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This example is a little contrived, but if you have a situation where one Option instance contains one or more other Options, this article may be helpful. But once I a swore off using null values, and b learned how to properly work with Options, I saw the beauty of the approach. For instance, one look at this class definition tells you that there may or may not be a street2 field; as the Option wrapper type nested option, its optional.
C Programming Tutorial - 18 - Nesting if Statements
When Options contain other Options nested Options Now imagine a case where you have an Option[Person] in an application. How would you do this?
Now all you have to do is to fill out the body of the function to match that signature. Depending on your needs, you can use a similar approach with any monad, i.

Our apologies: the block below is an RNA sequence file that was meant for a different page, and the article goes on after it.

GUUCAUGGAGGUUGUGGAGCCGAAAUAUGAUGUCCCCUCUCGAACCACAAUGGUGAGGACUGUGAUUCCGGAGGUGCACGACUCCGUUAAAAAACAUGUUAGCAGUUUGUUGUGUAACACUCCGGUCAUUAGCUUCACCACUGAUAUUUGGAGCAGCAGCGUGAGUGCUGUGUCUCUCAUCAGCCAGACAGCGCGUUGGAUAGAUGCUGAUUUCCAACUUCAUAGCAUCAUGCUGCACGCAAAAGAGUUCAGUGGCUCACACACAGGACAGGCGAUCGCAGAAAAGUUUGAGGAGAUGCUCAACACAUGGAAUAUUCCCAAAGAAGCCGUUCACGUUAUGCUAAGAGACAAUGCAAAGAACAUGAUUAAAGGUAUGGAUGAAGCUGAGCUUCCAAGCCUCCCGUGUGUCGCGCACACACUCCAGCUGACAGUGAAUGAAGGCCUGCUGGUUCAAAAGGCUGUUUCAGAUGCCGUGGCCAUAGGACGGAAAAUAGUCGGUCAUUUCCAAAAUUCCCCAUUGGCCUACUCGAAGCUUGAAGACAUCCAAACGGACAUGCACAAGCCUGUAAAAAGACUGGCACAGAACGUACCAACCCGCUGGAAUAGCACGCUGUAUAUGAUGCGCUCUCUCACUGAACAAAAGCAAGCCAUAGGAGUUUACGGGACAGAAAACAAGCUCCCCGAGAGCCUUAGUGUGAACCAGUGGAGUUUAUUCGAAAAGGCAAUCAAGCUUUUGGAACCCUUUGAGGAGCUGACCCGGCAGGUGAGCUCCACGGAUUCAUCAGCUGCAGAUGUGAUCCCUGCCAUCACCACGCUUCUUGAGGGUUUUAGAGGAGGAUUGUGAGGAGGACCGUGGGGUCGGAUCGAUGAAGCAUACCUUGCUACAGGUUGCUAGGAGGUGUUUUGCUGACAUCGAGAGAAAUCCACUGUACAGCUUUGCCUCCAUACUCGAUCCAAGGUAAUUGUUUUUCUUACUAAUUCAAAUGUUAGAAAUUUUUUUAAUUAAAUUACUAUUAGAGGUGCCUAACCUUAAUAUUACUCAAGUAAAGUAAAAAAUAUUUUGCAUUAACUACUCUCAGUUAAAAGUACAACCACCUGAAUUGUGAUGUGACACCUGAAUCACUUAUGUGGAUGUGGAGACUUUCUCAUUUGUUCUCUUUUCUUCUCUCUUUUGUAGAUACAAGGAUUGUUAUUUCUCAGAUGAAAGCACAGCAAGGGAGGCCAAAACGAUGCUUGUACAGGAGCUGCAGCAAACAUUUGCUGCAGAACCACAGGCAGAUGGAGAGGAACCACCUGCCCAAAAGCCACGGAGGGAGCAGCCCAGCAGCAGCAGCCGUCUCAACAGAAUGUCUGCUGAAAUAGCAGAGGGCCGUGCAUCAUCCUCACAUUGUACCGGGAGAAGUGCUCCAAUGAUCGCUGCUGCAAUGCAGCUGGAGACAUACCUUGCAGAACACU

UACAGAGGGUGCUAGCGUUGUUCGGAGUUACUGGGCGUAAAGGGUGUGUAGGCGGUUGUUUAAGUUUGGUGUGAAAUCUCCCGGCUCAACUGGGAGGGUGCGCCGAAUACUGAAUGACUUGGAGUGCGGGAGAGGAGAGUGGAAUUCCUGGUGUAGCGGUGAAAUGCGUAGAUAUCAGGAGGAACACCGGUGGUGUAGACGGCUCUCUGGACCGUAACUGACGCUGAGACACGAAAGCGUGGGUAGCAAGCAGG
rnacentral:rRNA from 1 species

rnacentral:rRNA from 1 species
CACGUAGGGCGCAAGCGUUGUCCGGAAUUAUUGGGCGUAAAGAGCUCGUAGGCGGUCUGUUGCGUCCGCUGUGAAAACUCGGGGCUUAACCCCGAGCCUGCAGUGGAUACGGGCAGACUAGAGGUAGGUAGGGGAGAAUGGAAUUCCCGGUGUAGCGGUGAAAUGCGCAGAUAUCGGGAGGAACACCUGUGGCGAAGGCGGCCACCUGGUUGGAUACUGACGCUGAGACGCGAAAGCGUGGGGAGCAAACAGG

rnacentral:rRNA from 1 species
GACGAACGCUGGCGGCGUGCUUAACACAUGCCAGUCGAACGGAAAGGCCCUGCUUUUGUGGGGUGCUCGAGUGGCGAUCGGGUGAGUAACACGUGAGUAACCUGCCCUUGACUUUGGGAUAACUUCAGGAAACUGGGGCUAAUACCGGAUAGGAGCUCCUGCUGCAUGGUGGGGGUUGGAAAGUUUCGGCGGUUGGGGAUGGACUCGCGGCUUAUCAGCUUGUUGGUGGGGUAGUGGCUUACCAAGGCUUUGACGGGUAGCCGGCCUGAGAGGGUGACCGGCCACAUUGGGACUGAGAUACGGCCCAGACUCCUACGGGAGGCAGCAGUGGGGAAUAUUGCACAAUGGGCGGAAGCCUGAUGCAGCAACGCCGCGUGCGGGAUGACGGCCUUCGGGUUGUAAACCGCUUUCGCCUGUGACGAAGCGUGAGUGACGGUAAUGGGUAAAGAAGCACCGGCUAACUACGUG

Note: There is a cleaner version of this approach in the Comments section below. Some sample data A couple of examples will show how getStreet2 works. Motivations My main reason for writing this article was to demonstrate two ways to deal with Option instances that contain other Options.
As shown, you can use a flatMap or b a for expression to traverse the Nested option to get the value you want. A second reason for writing this article was to give you a little more exposure to flatMap.
When I first learned Scala, I always thought of flatMap in terms of collections classes, but once you get into other monadic data types like Option, Try, Either, etc.
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